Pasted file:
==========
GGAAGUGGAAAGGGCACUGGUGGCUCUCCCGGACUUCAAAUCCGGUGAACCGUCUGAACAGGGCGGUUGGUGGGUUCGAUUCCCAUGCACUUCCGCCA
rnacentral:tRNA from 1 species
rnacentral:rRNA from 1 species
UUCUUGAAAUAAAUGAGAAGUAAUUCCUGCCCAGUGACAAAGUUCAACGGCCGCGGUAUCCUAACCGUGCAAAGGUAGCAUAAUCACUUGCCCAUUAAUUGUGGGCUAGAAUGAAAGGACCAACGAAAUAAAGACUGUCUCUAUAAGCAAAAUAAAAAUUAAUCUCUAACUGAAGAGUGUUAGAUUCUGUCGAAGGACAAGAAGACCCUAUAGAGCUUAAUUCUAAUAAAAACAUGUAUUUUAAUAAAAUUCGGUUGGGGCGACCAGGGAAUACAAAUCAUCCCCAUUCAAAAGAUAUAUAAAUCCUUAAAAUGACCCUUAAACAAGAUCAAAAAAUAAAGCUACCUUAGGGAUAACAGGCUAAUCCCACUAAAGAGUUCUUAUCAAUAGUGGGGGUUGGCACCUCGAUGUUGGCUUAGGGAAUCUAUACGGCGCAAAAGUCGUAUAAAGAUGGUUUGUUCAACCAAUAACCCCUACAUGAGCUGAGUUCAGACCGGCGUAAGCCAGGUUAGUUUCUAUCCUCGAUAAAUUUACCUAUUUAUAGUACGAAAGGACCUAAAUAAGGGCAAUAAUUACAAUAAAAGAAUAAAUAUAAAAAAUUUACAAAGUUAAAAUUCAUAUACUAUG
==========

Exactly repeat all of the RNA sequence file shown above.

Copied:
GGAAGUGGAAAGGGCACUGGUGGCUCUCCCGGACUUCAAAUCCGGUGAACCGUCUGAACAGGGCGGUUGGUGGGUUCGAUUCCCAUGCACUUCCGCCA
rnacentral:tRNA from 1 species
rnacentral:rRNA from 1 species
UUCUUGAAAUAAAUGAGAAGUAAUUCCUGCCCAGUGACAAAGUUCAACGGCCGCGGUAUCCUAACCGUGCAAAGGUAGCAUAAUCACUUGCCCAUUAAUUGUGGGCUAGAAUGAAAGGACCAACGAAAUAAAGACUGUCUCUAUAAGCAAAAUAAAAAUUAAUCUCUAACUGAAGAGUGUUAGAUUCUGUCGAAGGACAAGAAGACCCUAUAGAGCUUAAUUCUAAUAAAAACAUGUAUUUUAAUAAAAUUCGGUUGGGGCGACCAGGGAAUACAAAUCAUCCCCAUUCAAAAGAUAUAUAAAUCCUUAAAAUGACCCUUAAACAAGAUCAAAAAAUAAAGCUACCUUAGGGAUAACAGGCUAAUCCCACUAAAGAGUUCUUAUCAAUAGUGGGGGUUGGCACCUCGAUGUUGGCUUAGGGAAUCUAUACGGCGCAAAAGUCGUAUAAAGAUGGUUUGUUCAACCAAUAACCCCUACAUGAGCUGAGUUCAGACCGGCGUAAGCCAGGUUAGUUUCUAUCCUCGAUAAAUUUACCUAUUUAUAGUACGAAAGGACCUAAAUAAGGGCAAUAAUUACAAUAAAAGAAUAAAUAUAAAAAAUUUACAAAGUUAAAAUUCAUAUACUAUG